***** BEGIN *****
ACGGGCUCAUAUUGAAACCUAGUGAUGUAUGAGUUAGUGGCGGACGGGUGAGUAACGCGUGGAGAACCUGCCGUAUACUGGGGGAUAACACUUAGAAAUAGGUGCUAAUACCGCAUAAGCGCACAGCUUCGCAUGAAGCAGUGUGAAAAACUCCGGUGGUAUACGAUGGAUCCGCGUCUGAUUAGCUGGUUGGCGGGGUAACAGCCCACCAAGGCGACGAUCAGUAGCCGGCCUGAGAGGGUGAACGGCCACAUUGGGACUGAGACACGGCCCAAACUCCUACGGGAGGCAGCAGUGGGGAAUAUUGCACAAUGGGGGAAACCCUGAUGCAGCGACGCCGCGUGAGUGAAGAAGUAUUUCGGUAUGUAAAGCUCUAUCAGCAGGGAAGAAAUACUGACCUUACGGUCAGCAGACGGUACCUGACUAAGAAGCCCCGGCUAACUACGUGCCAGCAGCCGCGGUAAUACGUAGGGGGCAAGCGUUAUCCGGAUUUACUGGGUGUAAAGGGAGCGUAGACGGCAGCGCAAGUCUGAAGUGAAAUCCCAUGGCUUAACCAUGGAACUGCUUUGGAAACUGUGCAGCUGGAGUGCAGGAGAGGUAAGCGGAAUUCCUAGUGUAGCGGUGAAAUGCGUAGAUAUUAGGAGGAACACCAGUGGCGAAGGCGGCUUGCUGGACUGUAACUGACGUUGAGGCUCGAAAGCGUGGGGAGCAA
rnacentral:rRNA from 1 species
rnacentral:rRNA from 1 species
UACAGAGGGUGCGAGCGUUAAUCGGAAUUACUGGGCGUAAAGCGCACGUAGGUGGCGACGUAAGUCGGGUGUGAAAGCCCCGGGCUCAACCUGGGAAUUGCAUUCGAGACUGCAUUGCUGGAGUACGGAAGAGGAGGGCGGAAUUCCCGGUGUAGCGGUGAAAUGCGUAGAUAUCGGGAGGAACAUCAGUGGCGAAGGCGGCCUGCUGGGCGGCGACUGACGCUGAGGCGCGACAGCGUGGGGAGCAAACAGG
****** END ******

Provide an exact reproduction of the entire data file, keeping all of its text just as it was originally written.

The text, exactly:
ACGGGCUCAUAUUGAAACCUAGUGAUGUAUGAGUUAGUGGCGGACGGGUGAGUAACGCGUGGAGAACCUGCCGUAUACUGGGGGAUAACACUUAGAAAUAGGUGCUAAUACCGCAUAAGCGCACAGCUUCGCAUGAAGCAGUGUGAAAAACUCCGGUGGUAUACGAUGGAUCCGCGUCUGAUUAGCUGGUUGGCGGGGUAACAGCCCACCAAGGCGACGAUCAGUAGCCGGCCUGAGAGGGUGAACGGCCACAUUGGGACUGAGACACGGCCCAAACUCCUACGGGAGGCAGCAGUGGGGAAUAUUGCACAAUGGGGGAAACCCUGAUGCAGCGACGCCGCGUGAGUGAAGAAGUAUUUCGGUAUGUAAAGCUCUAUCAGCAGGGAAGAAAUACUGACCUUACGGUCAGCAGACGGUACCUGACUAAGAAGCCCCGGCUAACUACGUGCCAGCAGCCGCGGUAAUACGUAGGGGGCAAGCGUUAUCCGGAUUUACUGGGUGUAAAGGGAGCGUAGACGGCAGCGCAAGUCUGAAGUGAAAUCCCAUGGCUUAACCAUGGAACUGCUUUGGAAACUGUGCAGCUGGAGUGCAGGAGAGGUAAGCGGAAUUCCUAGUGUAGCGGUGAAAUGCGUAGAUAUUAGGAGGAACACCAGUGGCGAAGGCGGCUUGCUGGACUGUAACUGACGUUGAGGCUCGAAAGCGUGGGGAGCAA
rnacentral:rRNA from 1 species
rnacentral:rRNA from 1 species
UACAGAGGGUGCGAGCGUUAAUCGGAAUUACUGGGCGUAAAGCGCACGUAGGUGGCGACGUAAGUCGGGUGUGAAAGCCCCGGGCUCAACCUGGGAAUUGCAUUCGAGACUGCAUUGCUGGAGUACGGAAGAGGAGGGCGGAAUUCCCGGUGUAGCGGUGAAAUGCGUAGAUAUCGGGAGGAACAUCAGUGGCGAAGGCGGCCUGCUGGGCGGCGACUGACGCUGAGGCGCGACAGCGUGGGGAGCAAACAGG